Brian Lawson: 29:17

Yeah. Yeah, I think, you know, hopefully you have those friends like that. But I know not everybody does. I know one of the big shows we hear a lot about is youth or children’s ministers struggling to make friends outside the congregation that they serve, which creates its own challenges. So hopefully you have friends like that. But but if you don’t I you know, tell our listeners that this is where a great counselor can come in, come into play or, or some sort of professional coach or something. This is where you can see those sorts of avenues if you especially if you don’t have those friends that you feel like are good at the Oreo. Yeah. So

Kirsten Knox: 29:53

Emily, when you talked about getting back up, you named four things that I think are just pivotal for us and I want to recap those. One is the self awareness right and having the ownership of your situation. And the second one, identifying things that are life giving for you and that is inspiring those coping skills as well as just what helps move you forward. Then having patience. And then the fourth one was healthy growth takes time of those four, which one do you say for you just innately is easier of those steps and which one is more challenging for you.

Emily Felgenhauer: 30:27

So I would definitely say that challenging is patience. I am not good at that. I’m so not good at that. And God continues to put situations in my life, to try to help me to do patients, it’s so hard. Um, but I would say probably the thing that I go to the most. And that’s easiest is how to get back up. I’m an enneagram. Seven, if anybody is into the enneagram. And the shadow side of the first of all, the enneagram. Seven is an enthusiast I love to be enthusiastic and have fun. That’s where that’s my sweet spot. But the shadow side of that is pain. You really do not want to sit in pain, it is painful to be in pain. So Oh, I think my easy one is to figure out how to get out of pain, which is the coping mechanisms what what can get me out of the rut?

Brian Lawson: 31:27

Well, that’s excellent. And we thank you so much for sharing for your story, because I know you hear somebody feel like I hear all the time of people losing their, their their ministry jobs, whether they were let go. Or maybe it was even just a financial decision of the of the church and those kind of things. And so I know, there’s a lot of people who go through this kind of this similar types of situations in those transitions, so

Kirsten Knox: 31:53

I just think it resonates, right. Like it just resonates on many levels, professionally, as well as I think personally, as you think about as Emily shared about what she has learned and how she moves through that it’s not you can apply that on all different situations that you face. And I think that is just very valuable. And it’s good to be reminded, especially in this season, when I think we’ve faced a lot of uncertainty, it’s been a hard season, a season of grieving. And you can even use these as we continue to navigate this pandemic, and what does that look like and taking care of yourself emotionally, which is very helpful. I have one last question for you. How has this learning these things of how to get back up or even just the experience of getting knocked down? How has that been valuable for you in your life.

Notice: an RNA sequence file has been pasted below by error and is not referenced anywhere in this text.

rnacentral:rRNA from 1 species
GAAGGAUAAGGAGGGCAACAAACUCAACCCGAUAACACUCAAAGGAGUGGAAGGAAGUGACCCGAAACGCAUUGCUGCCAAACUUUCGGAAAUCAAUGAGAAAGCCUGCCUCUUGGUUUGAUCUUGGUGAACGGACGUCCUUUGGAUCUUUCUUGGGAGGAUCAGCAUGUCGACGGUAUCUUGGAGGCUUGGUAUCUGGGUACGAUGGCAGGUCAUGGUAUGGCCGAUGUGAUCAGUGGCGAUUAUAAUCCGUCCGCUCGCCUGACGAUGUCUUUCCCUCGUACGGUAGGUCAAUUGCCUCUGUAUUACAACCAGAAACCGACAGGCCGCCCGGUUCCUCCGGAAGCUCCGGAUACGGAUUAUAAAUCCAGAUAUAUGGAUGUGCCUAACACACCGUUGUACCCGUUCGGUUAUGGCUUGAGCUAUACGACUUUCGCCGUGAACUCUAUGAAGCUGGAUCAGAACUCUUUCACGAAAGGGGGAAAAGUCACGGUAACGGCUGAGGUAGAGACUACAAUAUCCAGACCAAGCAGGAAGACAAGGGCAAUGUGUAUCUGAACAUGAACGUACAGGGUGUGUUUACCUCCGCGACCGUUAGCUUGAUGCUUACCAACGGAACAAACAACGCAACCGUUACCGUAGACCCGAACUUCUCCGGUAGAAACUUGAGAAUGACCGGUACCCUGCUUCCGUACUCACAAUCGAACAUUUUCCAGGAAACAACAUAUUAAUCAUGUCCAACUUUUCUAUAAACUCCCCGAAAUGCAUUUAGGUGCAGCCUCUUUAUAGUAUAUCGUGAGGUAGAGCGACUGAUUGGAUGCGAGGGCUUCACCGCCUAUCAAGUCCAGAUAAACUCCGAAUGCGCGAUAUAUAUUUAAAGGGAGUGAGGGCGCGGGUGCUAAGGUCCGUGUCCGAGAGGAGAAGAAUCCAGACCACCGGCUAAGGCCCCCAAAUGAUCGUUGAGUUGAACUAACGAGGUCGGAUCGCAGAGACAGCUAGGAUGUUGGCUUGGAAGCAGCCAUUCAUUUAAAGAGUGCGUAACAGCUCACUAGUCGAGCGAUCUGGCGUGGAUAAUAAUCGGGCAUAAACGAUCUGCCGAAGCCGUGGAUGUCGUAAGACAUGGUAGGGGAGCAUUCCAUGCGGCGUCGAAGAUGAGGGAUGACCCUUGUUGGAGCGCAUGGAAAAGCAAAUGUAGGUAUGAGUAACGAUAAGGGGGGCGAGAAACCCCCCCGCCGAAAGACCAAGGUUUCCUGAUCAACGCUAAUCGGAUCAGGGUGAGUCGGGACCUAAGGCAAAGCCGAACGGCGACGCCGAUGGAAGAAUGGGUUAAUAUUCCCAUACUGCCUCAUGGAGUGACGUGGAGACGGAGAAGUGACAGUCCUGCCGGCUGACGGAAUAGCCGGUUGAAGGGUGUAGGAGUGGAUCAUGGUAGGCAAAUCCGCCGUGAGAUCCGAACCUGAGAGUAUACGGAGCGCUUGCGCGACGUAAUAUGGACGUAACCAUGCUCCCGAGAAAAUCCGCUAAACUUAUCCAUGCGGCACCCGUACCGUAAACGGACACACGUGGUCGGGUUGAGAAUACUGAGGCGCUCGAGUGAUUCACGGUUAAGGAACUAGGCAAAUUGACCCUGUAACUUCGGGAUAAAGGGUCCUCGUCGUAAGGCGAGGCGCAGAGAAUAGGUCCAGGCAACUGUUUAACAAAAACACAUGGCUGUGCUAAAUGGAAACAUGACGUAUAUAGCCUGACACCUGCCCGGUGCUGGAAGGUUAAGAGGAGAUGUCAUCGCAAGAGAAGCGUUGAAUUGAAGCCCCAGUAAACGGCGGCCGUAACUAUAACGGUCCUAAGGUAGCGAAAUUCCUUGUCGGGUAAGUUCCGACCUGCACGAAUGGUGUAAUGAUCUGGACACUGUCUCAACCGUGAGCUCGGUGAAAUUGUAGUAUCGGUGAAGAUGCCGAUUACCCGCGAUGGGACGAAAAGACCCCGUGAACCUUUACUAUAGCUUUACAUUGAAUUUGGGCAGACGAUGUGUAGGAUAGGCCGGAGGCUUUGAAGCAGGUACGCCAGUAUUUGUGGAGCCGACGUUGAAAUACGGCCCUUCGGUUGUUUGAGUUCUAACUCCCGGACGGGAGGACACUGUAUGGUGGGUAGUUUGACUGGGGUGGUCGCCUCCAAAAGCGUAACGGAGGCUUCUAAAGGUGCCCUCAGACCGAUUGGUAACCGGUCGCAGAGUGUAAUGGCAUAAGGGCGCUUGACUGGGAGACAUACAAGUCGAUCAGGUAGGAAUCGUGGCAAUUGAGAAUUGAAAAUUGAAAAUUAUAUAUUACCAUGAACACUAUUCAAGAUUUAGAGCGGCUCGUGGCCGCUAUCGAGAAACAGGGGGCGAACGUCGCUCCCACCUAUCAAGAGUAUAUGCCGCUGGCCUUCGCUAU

Emily Felgenhauer: 32:45

So you know, the story that I shared with you, there was a happy ending. And that is not always the case when we get knocked down. And that is not always Everyone’s story. And, to that I’ve had several things in my personal life that have been devastating. In the last several years, I did get married. And within my marriage, I had three miscarriages, and had to learn a lot about about grief in that way, about loving something and hoping and being so excited. And then it being taken away and taken away and taken away. And learning. What if my life doesn’t include this picture that I so badly wanted. And then after that, I went through a divorce. So your picture changed again. And that also has been a devastating journey. I’m, I’m almost, I’m almost a year out from having separated from my ex husband. And what I know, even though I’m still going through the healing process of that divorce, that what I’ve learned from my miscarriages that have been a little more separated year wise, is that time does really heal. And it’s okay to still have moments of mourning. And it’s okay to still have hoped for a different outcome. But the thing is, is that I know who holds my future. And that comfort is undeniable. And knowing that, that I belong to God, and that he has chosen me to be in such a time as this, and why in the world did I have to go through all of that stuff. And I know that it’s going to be a part of my testimony, it’s going to be a part of, you know, it may not be a Cinderella story, much like my job situation was 11 years ago, but I know that I still feel loved and I know that God has shown up for me in big ways this past year. And, and he’s going to continue to and so there’s a lot of hope in that but I would say for those who are in In the midst of real knocked down, whether it’s career wise, whether it’s personal, that it’s okay to be to be feeling very emotional, it’s okay to feel defeated. But to do everything that you know when your power to not stay there, and whether it’s a counselor, whether it’s a friend, find the things that gets you up, and just know that God loves you unconditionally, and that you are not alone. And that he is walking with you, and he does see your heart and He is with you.